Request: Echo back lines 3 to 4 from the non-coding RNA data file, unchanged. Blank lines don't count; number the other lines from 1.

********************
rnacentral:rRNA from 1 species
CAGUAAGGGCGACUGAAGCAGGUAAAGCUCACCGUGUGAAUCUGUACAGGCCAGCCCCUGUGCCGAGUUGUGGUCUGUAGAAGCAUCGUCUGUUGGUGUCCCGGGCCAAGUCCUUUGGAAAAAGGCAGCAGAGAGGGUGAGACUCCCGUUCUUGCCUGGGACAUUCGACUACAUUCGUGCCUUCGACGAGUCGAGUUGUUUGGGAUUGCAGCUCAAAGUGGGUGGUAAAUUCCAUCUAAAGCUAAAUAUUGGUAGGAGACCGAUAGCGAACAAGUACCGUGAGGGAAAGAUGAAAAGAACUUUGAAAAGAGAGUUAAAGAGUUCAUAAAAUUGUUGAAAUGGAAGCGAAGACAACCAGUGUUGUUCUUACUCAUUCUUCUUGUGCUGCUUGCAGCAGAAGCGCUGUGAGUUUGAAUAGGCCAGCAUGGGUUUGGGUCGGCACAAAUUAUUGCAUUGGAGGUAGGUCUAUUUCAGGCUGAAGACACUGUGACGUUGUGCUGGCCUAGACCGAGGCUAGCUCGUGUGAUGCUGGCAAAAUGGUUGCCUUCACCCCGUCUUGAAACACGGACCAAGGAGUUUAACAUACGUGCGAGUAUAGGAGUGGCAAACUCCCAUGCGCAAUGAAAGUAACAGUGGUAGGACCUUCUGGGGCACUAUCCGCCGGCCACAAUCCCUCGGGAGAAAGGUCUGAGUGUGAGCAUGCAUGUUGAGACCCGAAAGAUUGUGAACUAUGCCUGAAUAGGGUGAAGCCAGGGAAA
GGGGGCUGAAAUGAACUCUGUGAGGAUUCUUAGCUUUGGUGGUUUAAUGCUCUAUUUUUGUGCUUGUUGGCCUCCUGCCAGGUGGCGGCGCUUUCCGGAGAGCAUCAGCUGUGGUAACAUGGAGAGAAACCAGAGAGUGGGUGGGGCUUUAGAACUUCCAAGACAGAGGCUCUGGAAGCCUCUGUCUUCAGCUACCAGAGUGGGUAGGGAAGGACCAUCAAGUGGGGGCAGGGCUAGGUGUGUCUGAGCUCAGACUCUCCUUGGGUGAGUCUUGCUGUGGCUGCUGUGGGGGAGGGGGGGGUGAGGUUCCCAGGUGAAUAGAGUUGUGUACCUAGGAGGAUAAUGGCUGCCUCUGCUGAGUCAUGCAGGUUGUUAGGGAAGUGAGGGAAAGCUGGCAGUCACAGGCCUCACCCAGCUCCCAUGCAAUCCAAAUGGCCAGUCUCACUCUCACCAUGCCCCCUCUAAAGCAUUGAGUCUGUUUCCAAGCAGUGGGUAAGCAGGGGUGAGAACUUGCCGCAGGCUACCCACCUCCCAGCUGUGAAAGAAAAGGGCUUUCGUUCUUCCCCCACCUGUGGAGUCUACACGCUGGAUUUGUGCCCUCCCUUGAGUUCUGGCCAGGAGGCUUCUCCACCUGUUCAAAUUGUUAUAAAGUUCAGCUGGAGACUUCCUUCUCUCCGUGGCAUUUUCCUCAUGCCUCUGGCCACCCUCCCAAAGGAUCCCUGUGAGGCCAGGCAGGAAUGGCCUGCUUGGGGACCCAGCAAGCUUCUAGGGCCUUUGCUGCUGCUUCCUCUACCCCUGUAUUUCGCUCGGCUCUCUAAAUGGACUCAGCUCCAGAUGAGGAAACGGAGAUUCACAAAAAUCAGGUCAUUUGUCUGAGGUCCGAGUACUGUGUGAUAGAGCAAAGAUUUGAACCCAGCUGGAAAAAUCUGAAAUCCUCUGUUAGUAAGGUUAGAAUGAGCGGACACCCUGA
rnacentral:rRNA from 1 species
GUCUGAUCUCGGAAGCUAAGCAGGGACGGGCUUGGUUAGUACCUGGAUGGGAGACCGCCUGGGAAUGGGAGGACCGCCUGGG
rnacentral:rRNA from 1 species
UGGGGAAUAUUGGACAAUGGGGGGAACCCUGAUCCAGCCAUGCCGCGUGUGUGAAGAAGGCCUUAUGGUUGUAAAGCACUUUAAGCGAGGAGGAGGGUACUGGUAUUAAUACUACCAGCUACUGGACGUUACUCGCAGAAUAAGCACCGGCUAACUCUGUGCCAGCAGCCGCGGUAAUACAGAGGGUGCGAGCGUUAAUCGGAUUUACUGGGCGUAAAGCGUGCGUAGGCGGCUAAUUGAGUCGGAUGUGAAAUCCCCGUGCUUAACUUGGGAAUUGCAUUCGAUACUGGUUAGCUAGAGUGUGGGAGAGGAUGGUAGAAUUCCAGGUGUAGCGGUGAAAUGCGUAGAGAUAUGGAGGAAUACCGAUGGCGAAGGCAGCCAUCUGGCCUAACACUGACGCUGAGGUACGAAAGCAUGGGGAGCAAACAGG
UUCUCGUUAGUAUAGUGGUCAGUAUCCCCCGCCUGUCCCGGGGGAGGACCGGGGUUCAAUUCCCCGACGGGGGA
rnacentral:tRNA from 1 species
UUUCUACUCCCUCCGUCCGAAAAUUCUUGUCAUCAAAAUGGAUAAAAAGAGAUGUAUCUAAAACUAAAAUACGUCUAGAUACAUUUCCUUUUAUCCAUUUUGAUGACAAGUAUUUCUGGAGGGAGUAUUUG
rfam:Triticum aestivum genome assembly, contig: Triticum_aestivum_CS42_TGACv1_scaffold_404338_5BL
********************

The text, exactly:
GGGGGCUGAAAUGAACUCUGUGAGGAUUCUUAGCUUUGGUGGUUUAAUGCUCUAUUUUUGUGCUUGUUGGCCUCCUGCCAGGUGGCGGCGCUUUCCGGAGAGCAUCAGCUGUGGUAACAUGGAGAGAAACCAGAGAGUGGGUGGGGCUUUAGAACUUCCAAGACAGAGGCUCUGGAAGCCUCUGUCUUCAGCUACCAGAGUGGGUAGGGAAGGACCAUCAAGUGGGGGCAGGGCUAGGUGUGUCUGAGCUCAGACUCUCCUUGGGUGAGUCUUGCUGUGGCUGCUGUGGGGGAGGGGGGGGUGAGGUUCCCAGGUGAAUAGAGUUGUGUACCUAGGAGGAUAAUGGCUGCCUCUGCUGAGUCAUGCAGGUUGUUAGGGAAGUGAGGGAAAGCUGGCAGUCACAGGCCUCACCCAGCUCCCAUGCAAUCCAAAUGGCCAGUCUCACUCUCACCAUGCCCCCUCUAAAGCAUUGAGUCUGUUUCCAAGCAGUGGGUAAGCAGGGGUGAGAACUUGCCGCAGGCUACCCACCUCCCAGCUGUGAAAGAAAAGGGCUUUCGUUCUUCCCCCACCUGUGGAGUCUACACGCUGGAUUUGUGCCCUCCCUUGAGUUCUGGCCAGGAGGCUUCUCCACCUGUUCAAAUUGUUAUAAAGUUCAGCUGGAGACUUCCUUCUCUCCGUGGCAUUUUCCUCAUGCCUCUGGCCACCCUCCCAAAGGAUCCCUGUGAGGCCAGGCAGGAAUGGCCUGCUUGGGGACCCAGCAAGCUUCUAGGGCCUUUGCUGCUGCUUCCUCUACCCCUGUAUUUCGCUCGGCUCUCUAAAUGGACUCAGCUCCAGAUGAGGAAACGGAGAUUCACAAAAAUCAGGUCAUUUGUCUGAGGUCCGAGUACUGUGUGAUAGAGCAAAGAUUUGAACCCAGCUGGAAAAAUCUGAAAUCCUCUGUUAGUAAGGUUAGAAUGAGCGGACACCCUGA
rnacentral:rRNA from 1 species